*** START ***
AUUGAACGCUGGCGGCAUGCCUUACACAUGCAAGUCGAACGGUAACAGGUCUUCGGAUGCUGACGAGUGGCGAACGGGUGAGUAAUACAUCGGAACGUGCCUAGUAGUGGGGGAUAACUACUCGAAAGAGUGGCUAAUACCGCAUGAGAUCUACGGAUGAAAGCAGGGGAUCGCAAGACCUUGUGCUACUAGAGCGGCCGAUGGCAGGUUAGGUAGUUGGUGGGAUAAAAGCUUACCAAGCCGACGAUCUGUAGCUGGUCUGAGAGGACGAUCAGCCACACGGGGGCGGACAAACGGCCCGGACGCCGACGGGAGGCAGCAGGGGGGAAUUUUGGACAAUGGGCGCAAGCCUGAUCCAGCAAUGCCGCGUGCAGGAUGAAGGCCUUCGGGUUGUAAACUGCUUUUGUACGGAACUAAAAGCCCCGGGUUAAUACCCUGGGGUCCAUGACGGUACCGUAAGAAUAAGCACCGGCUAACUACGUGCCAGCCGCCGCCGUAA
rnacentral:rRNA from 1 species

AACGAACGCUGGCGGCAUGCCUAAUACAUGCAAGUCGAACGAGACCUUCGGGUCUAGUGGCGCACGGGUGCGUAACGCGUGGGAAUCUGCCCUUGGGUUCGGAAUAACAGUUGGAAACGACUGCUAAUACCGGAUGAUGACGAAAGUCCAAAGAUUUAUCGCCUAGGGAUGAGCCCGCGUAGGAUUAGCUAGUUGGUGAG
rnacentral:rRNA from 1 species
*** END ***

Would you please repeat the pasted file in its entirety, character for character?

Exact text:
AUUGAACGCUGGCGGCAUGCCUUACACAUGCAAGUCGAACGGUAACAGGUCUUCGGAUGCUGACGAGUGGCGAACGGGUGAGUAAUACAUCGGAACGUGCCUAGUAGUGGGGGAUAACUACUCGAAAGAGUGGCUAAUACCGCAUGAGAUCUACGGAUGAAAGCAGGGGAUCGCAAGACCUUGUGCUACUAGAGCGGCCGAUGGCAGGUUAGGUAGUUGGUGGGAUAAAAGCUUACCAAGCCGACGAUCUGUAGCUGGUCUGAGAGGACGAUCAGCCACACGGGGGCGGACAAACGGCCCGGACGCCGACGGGAGGCAGCAGGGGGGAAUUUUGGACAAUGGGCGCAAGCCUGAUCCAGCAAUGCCGCGUGCAGGAUGAAGGCCUUCGGGUUGUAAACUGCUUUUGUACGGAACUAAAAGCCCCGGGUUAAUACCCUGGGGUCCAUGACGGUACCGUAAGAAUAAGCACCGGCUAACUACGUGCCAGCCGCCGCCGUAA
rnacentral:rRNA from 1 species

AACGAACGCUGGCGGCAUGCCUAAUACAUGCAAGUCGAACGAGACCUUCGGGUCUAGUGGCGCACGGGUGCGUAACGCGUGGGAAUCUGCCCUUGGGUUCGGAAUAACAGUUGGAAACGACUGCUAAUACCGGAUGAUGACGAAAGUCCAAAGAUUUAUCGCCUAGGGAUGAGCCCGCGUAGGAUUAGCUAGUUGGUGAG
rnacentral:rRNA from 1 species